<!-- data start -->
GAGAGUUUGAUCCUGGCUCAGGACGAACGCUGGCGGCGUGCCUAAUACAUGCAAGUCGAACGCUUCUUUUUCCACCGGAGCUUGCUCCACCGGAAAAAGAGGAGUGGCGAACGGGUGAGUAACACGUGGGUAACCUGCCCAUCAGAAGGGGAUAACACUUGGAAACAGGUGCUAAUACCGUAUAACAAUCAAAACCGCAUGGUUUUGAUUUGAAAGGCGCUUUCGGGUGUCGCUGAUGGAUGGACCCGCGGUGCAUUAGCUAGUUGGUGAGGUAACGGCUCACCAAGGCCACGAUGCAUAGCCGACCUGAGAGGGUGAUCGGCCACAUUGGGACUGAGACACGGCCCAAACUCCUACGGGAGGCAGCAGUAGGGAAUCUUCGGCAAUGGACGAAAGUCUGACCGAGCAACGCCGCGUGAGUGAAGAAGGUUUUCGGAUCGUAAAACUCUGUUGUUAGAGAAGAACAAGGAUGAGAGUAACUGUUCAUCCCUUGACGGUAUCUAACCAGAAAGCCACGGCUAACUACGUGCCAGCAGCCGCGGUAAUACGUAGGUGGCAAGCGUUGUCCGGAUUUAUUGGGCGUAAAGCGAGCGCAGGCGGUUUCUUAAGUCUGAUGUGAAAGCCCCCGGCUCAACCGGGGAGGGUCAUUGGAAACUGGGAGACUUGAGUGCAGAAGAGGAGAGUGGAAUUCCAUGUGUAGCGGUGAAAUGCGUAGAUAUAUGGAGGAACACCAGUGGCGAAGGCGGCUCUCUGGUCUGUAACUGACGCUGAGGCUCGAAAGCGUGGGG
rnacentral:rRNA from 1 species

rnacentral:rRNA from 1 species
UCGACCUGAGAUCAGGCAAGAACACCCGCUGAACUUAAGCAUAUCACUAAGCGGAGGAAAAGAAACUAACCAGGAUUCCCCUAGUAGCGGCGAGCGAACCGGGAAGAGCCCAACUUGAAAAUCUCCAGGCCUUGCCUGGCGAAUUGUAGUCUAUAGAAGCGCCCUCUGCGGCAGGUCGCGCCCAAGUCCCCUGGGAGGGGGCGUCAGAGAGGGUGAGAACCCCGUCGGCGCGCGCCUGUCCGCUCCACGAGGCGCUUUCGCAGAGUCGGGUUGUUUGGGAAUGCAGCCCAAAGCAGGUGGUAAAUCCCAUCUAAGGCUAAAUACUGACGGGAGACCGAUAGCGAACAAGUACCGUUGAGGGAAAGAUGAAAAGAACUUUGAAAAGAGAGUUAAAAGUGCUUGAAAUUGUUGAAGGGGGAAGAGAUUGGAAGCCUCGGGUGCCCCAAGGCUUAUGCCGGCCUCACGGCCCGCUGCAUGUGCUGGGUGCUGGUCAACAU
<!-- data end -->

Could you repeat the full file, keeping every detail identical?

GAGAGUUUGAUCCUGGCUCAGGACGAACGCUGGCGGCGUGCCUAAUACAUGCAAGUCGAACGCUUCUUUUUCCACCGGAGCUUGCUCCACCGGAAAAAGAGGAGUGGCGAACGGGUGAGUAACACGUGGGUAACCUGCCCAUCAGAAGGGGAUAACACUUGGAAACAGGUGCUAAUACCGUAUAACAAUCAAAACCGCAUGGUUUUGAUUUGAAAGGCGCUUUCGGGUGUCGCUGAUGGAUGGACCCGCGGUGCAUUAGCUAGUUGGUGAGGUAACGGCUCACCAAGGCCACGAUGCAUAGCCGACCUGAGAGGGUGAUCGGCCACAUUGGGACUGAGACACGGCCCAAACUCCUACGGGAGGCAGCAGUAGGGAAUCUUCGGCAAUGGACGAAAGUCUGACCGAGCAACGCCGCGUGAGUGAAGAAGGUUUUCGGAUCGUAAAACUCUGUUGUUAGAGAAGAACAAGGAUGAGAGUAACUGUUCAUCCCUUGACGGUAUCUAACCAGAAAGCCACGGCUAACUACGUGCCAGCAGCCGCGGUAAUACGUAGGUGGCAAGCGUUGUCCGGAUUUAUUGGGCGUAAAGCGAGCGCAGGCGGUUUCUUAAGUCUGAUGUGAAAGCCCCCGGCUCAACCGGGGAGGGUCAUUGGAAACUGGGAGACUUGAGUGCAGAAGAGGAGAGUGGAAUUCCAUGUGUAGCGGUGAAAUGCGUAGAUAUAUGGAGGAACACCAGUGGCGAAGGCGGCUCUCUGGUCUGUAACUGACGCUGAGGCUCGAAAGCGUGGGG
rnacentral:rRNA from 1 species

rnacentral:rRNA from 1 species
UCGACCUGAGAUCAGGCAAGAACACCCGCUGAACUUAAGCAUAUCACUAAGCGGAGGAAAAGAAACUAACCAGGAUUCCCCUAGUAGCGGCGAGCGAACCGGGAAGAGCCCAACUUGAAAAUCUCCAGGCCUUGCCUGGCGAAUUGUAGUCUAUAGAAGCGCCCUCUGCGGCAGGUCGCGCCCAAGUCCCCUGGGAGGGGGCGUCAGAGAGGGUGAGAACCCCGUCGGCGCGCGCCUGUCCGCUCCACGAGGCGCUUUCGCAGAGUCGGGUUGUUUGGGAAUGCAGCCCAAAGCAGGUGGUAAAUCCCAUCUAAGGCUAAAUACUGACGGGAGACCGAUAGCGAACAAGUACCGUUGAGGGAAAGAUGAAAAGAACUUUGAAAAGAGAGUUAAAAGUGCUUGAAAUUGUUGAAGGGGGAAGAGAUUGGAAGCCUCGGGUGCCCCAAGGCUUAUGCCGGCCUCACGGCCCGCUGCAUGUGCUGGGUGCUGGUCAACAU